<<<<-- Pushing mode selector lever to "CHECK" position, the camera will enable you to check and monitor condition of the battery performance, the battery test lamp indicator at the back of the camera should light up if power is sufficient.
The OM2n model introduced later has a "CHECK/RESET" (Instead of just "CHECK") and you can make use of this position by pushing the mode selector lever to activate the stuck mirror after replacing fresh power cells. -->>>>
Early OM2 bodies has a engraved Red "RESET" * on the lens mount/shutter speed ring. It serves to remind photographer that the manual shutter speed ring needs to be set to "B" in order to release a stuck mirror if it has lock up due to insufficient power. But as said earlier, newer OM2n can activate this by pushing the mode selector to the dual purpose battery check/reset position.
"RESET" - a spring-loaded position from which the lever returns to "AUTO" when released - the 3 stage battery check lamp is activated, the LED lamp lights for satisfactory charge, flickers for battery depletion, remains unlit when batteries are exhausted and the OM-2 mirror is reset from its automatic lockup position after battery exhaustion or incorrect insertion.
An additional safeguard mechanism prevents photography when power cells are dead or near exhaustion OR in the event when it is not correctly inserted. On "MANUAL" the flash mode is also set to Manual; on "AUTO" or "OFF" it is automatically set to TTL "OTF" Auto.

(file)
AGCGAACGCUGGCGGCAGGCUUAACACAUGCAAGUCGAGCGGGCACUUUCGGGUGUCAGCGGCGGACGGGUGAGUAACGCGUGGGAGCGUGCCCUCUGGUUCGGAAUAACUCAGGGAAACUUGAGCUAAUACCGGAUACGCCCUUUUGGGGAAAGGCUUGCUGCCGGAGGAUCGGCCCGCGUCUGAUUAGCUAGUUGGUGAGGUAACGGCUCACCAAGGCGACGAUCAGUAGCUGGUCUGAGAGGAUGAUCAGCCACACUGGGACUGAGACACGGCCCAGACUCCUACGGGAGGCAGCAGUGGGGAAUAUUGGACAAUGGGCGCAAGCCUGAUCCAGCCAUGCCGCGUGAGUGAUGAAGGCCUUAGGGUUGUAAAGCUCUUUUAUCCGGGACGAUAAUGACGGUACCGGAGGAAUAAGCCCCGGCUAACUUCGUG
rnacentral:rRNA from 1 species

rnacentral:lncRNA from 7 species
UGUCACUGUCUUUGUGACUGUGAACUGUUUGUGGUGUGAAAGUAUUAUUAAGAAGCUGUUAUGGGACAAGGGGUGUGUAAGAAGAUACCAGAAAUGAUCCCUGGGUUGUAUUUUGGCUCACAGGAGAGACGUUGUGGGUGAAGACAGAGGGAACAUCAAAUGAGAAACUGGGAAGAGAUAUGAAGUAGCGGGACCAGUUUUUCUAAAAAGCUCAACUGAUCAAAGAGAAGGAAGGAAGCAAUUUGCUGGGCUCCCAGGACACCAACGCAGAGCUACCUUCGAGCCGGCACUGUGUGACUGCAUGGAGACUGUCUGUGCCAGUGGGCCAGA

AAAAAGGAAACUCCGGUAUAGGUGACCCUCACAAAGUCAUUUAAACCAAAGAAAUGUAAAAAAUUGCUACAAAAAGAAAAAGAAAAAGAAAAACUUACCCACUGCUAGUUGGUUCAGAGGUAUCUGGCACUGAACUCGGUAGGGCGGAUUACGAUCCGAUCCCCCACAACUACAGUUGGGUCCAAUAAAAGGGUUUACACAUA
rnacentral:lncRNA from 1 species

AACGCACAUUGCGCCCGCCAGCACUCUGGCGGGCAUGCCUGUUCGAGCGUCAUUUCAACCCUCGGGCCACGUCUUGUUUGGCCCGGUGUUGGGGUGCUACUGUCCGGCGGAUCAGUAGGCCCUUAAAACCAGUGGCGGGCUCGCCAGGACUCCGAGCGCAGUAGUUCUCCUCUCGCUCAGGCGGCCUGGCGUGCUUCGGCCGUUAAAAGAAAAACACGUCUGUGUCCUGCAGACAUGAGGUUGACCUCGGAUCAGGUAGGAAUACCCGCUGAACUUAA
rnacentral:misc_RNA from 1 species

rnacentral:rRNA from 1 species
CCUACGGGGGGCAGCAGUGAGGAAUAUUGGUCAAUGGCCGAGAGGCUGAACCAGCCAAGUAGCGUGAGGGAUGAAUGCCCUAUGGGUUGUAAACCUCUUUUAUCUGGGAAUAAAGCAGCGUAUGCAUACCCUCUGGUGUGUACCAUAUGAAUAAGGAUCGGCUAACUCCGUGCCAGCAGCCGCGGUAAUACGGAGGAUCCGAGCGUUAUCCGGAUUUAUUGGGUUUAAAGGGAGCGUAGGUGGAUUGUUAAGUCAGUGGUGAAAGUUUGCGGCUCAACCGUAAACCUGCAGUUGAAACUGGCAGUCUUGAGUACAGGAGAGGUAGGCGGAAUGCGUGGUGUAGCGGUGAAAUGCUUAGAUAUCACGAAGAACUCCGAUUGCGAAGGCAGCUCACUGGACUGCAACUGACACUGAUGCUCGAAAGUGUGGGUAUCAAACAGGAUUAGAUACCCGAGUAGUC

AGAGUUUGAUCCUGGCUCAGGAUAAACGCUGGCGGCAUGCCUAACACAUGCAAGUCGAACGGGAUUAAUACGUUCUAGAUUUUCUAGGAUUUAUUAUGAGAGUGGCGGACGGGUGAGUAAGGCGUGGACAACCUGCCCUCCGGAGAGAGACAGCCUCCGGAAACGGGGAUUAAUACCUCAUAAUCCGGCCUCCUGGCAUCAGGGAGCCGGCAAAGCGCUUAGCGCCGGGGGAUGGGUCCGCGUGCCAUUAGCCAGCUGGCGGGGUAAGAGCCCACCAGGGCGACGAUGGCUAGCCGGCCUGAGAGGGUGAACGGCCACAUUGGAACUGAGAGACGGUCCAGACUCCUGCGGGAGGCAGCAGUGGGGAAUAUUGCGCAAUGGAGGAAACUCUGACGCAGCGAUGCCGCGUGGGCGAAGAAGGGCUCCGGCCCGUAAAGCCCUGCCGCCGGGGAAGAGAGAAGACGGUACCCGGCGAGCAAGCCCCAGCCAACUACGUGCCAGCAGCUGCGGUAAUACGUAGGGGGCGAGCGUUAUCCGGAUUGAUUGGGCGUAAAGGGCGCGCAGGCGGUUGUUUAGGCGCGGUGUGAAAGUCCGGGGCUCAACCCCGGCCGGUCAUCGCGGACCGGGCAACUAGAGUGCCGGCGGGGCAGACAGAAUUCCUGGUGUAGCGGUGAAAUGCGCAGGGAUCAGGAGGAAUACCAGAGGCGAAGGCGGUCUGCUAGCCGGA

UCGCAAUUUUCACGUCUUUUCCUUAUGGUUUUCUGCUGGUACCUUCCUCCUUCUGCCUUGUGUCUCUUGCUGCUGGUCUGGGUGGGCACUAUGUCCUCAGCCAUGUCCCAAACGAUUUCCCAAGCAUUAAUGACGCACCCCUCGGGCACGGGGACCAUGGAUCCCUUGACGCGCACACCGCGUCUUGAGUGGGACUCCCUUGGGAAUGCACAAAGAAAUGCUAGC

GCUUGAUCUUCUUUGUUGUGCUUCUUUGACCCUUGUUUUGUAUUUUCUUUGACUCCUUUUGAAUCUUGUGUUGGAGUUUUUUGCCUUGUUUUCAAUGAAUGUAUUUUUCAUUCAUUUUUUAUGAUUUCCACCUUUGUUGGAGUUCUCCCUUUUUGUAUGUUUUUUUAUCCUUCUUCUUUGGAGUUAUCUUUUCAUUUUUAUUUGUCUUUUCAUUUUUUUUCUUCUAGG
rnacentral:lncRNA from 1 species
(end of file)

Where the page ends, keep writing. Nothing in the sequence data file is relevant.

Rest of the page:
After you open the battery compartment, where it needs to 1.5V silver oxide batteries to power its various camera's electronic functions. To protect the IC at the heart of the electronic circuit, a safety circuit is activated to prevent reverse current flow if the battery is inadvertently inserted upside down. Dead power cells or wrongly insertion of such cells may caused the mirror to lock up and the viewfinder will gets dark and the film advance lever will be locked. The camera can then be reset by turning the shutter ring to the "reset*" position while depressing the reset button.
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Olympus OM-2(n): Camera Operations (9 Parts) | Other Issues (5 Parts)
Specifications: HTML | PDF (48k) Main Reference Map: HTML | PDF (203k)
Olympus OM-2SP: Camera Operations | Other Issues
Specifications | Main Reference Map / nomenclature
Olympus OM-1(n): Camera Operations (6 Parts) | Other Issues (5 Parts)
Specifications: HTML | PDF | Main Reference Map: HTML | PDF (217k)
Shared Resources: Supplementary articles: TTL Metering, Depth of Field, Shutter Speed & Aperture
Motor Drive and Power Winder: Main Index Page (4 Parts)